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She is Woman, Hear Her Roar
by Carrie Ferguson, Staff Writer, The Tennessean
Sunday, June 16, 2002



Dorothy MarcicPROFESSOR DOROTHY MARCIC ENTERTAINS AND INFORMS - in costume and through song - during her discussions about women as seen through popular music
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Women of a certain age smile and nod at Dorothy Marcic in complete and total "been there, done that" agreement.

"What did I hear growing up? 'Please love me, be my baby'" Marcic says, hands to heart. "Women without power were my role models."

More head-nodding.

Wrapped in everything from a pink, feathery jacket to a curly, blond wig - visual aids to enhance her point - Marcic's message was delivered through verse and song as part of a recent book-signing event.

The vehicle for this enlightenment is top-40 music of the past century. The words provide ample evidence that women have gone, as Marcic says, from needy doormat (I Want To Be Bobby's Girl) to rebellious teen-ager (You Don't Own Me) to secure adult (Wide Open Spaces).

"Women just didn't know the power that could be theirs," says Marcic (pronounced Mar-sick).

Her new book, Respect: Women and Popular Music ($26.95, Texere), is an eye-opening walk through the Billboard charts. It's hard to imagine a song about accepting a man's beating would have been popular in any age. But it was in 1922, when Fanny Brice had a top-10 hit with My Man.

Marcic, a Vanderbilt University professor of management and frequent lecturer on emotional intelligence and values-based organizations, stumbled onto the unexplored field when she prepared a talk, using some music, on the equality of men and women.

"As I went over the top-40 songs, I realized that popular music tells the story of women's empowerment in the 20th century, so I ended up making the presentation largely music," she said. "People loved it. They were in tears, so I realized I was on to something."

Marcic is a tall, elegant woman with a chic, short haircut. She speaks passionately and enthusiastically about history as seen through song. The book is filled with the reminiscences about particular songs by women and men from throughout the country and dramatic news and pop-culture events that were happening when a particular song came out.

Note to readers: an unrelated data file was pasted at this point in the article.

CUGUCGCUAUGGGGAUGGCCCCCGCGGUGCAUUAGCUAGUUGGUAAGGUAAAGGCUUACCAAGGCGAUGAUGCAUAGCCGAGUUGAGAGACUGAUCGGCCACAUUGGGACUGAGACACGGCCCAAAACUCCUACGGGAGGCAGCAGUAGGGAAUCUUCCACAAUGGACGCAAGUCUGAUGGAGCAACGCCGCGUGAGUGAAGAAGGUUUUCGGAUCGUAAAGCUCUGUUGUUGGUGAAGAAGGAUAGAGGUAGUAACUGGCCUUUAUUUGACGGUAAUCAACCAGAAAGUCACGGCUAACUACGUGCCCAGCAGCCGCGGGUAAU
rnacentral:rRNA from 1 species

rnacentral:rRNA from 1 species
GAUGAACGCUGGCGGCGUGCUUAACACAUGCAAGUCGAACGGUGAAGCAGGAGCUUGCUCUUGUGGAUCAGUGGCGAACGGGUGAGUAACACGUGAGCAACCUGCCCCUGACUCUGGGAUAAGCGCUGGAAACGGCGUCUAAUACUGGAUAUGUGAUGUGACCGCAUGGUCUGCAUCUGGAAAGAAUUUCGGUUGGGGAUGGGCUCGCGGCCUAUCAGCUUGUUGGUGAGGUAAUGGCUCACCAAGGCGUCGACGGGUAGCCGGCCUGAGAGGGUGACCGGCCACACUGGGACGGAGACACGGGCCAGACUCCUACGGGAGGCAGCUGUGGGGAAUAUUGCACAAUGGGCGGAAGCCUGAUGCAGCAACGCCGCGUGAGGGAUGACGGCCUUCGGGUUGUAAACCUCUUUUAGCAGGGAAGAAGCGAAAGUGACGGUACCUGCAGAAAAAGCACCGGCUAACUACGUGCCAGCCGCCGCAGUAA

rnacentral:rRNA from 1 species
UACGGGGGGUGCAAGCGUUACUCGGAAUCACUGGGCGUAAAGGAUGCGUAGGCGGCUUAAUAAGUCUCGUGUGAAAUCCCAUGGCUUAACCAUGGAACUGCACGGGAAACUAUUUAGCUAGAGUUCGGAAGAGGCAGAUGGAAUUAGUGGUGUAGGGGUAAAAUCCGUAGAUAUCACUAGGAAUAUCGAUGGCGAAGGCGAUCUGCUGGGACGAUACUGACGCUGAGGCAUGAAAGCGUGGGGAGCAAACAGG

For example: The Stepford Wives came out the same year Helen Reddy's powerful I Am Woman was released. Talk about contradiction.

Her nickname, Professor Pop, is apt. A professor, a wife and mother of three daughters, she has been a Fulbright Scholar in Prague in the Czech Republic. She wanted to be an actress as a child growing up in Wisconsin.

When she moved to Nashville six years ago, she figured why not take some voice lessons. The first time she sang during a leadership conference, the bankers gave her a standing ovation. She's got good pipes, though she's quick to note she is no Barbra Streisand.

"It feels I have come full circle," Marcic says. "Doing performing, but with more content based on research. So, it is the integration of my academic career with my early dreams."

The research and the extensive combing through lyrics was a trip into her own story, one of a girl who grew up in the 1950s and '60s. It's one that is shared by many of the women who come listen to her, those head-nodders. A friend of Marcic's told her it is a wonder the women of their generation grew up to nurture the women's movement, given the messages they got.

Marcic hopes women are inspired by how far they indeed have come and that they hear just how connected music is to our self-esteem and self-confidence.

It's about here that Marcic is quick to point out she's not putting the whole blame for doormat-dom on men.

"We were complicit," she says. "We had to come to a new awareness."

Marcic says that while women cry and relive painful parts of their history during her presentations, and cheer the I Will Survive years, men, too, are moved emotionally.

"Men come up in tears. One said his mother had been angry all her life. She had wanted to be a doctor and couldn't," she recalled

Another man simply said: "Now, I get it."

"I hope (men) get a sense of the journey of women, of women's longings and dreams and just how hard it has been sometimes to achieve those in the face of so many messages, which we sometimes internalize, telling us to be weak and dependent."

Thankfully, young women have a hard time fully getting it.

"I can't believe people would listen to those songs," says Marcic's 18-year-old daughter, Solange.

Solange, who has spent the past year traveling in South Africa, was most shocked by Sandy Posey's 1966 No. 12 hit, Born a Woman, whose lyrics claim:

"And if you're born a woman
You're born to hurt
You're born to be stepped on, lied to, cheated on
And treated like dirt."

"That kind of song wouldn't go over well today," Solange says.

For that, her mother is thrilled.

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